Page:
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Greek Sculptures — History and Timelines

According to the history books, Greek art is said to be a mix of Egyptian, Syrian, Minoan and Persian cultures. Greek sculptors learned both stone carving and bronze-casting from the Egyptians and Syrians, while the traditions of sculpture within Greece were developed by the two main groups of settlers from Thessaly — the Ionians and Dorians.

Timeline of Greek Sculptures

The chronology of sculpture in Ancient Greece is traditionally divided into three main periods:

• The Archaic Period (c.650–500 BCE)

• The Classical Period (c.500–323 BCE)

  • The Hellenistic Period (c.323–27 BCE)

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The Archaic Period —

The Archaic period was characterized by a major cultural shift following the Greek Dark Ages… This cultural shift manifested in two main types of Greek sculpture. The first of these is the upright nude male, known as kouros or plural kouroi, meaning ‘youth’ or ‘boy’. They were often used as tombstones to commemorate the deaths of young men or as trophies in games.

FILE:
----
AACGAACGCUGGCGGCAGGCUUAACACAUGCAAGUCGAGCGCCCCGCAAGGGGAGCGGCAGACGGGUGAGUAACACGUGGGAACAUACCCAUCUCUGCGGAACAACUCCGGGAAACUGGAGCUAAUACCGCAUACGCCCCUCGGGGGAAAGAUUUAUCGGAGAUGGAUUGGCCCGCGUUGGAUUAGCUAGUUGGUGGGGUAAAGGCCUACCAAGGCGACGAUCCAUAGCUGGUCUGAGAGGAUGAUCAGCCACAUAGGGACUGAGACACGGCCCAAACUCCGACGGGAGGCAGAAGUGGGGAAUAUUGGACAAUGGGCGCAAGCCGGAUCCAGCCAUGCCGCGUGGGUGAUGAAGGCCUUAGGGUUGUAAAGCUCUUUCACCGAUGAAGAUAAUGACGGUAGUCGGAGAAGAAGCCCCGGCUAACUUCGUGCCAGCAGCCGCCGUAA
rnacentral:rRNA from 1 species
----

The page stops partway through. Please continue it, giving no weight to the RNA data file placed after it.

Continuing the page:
On the other hand, the second type of Greek sculpture was the female version of the kouros, the kore or plural korai. Like kouroi, korai are upright standing statues with stiff frames, narrow hips, and blank faces. However, unlike the kouroi, the kore is draped, ornamented with jewelry, a dress, and sometimes a crown or headdress. They also hold fruits or other symbols of female fertility in front of them.

Classical Period —

The Classical period in Ancient Greece saw the end of the aristocracy, the dissolution of the Athenian tyranny in 510 BC, and then later the introduction of Athenian democracy. The Classical period produced a plethora of memorable works of art and has even been considered a ‘golden age’.

Classical Greek sculpture incorporated more diverse figure types and bodily poses as well as a sharp increase in technical dexterity, resulting in far more naturalistic and realistic sculptures compared to their Archaic predecessors. It was also noted as the first period to represent individuals in sculpture rather than the archetypal ‘young male’ like the kouroi of the Archaic period.

Hellenistic Period —

The Hellenistic Period began after the death of Alexander the Great in 323 BC and ended at the Roman conquest of Greece in 146 BC. It has been seen as a continuation, refinement, and expansion of Greek, or Hellenistic, influence in the Mediterranean world after Alexander the Great.

Hellenistic Period sculpture can be characterized by a marked increase in expression from Classical sculpture. Many artistic subjects appear significantly more dramatized than before and for the first time emotive facial expressions featured in monumental sculpture. While the Archaic and Classical periods focused on idealized subjects and figures, the Hellenistic embraced adverse themes such as suffering, old age, and death. Artists no longer clung to the ideal of physical perfection, exploring other artistic avenues.

*All points gotten from — Visual Arts Cork.com and The Collector

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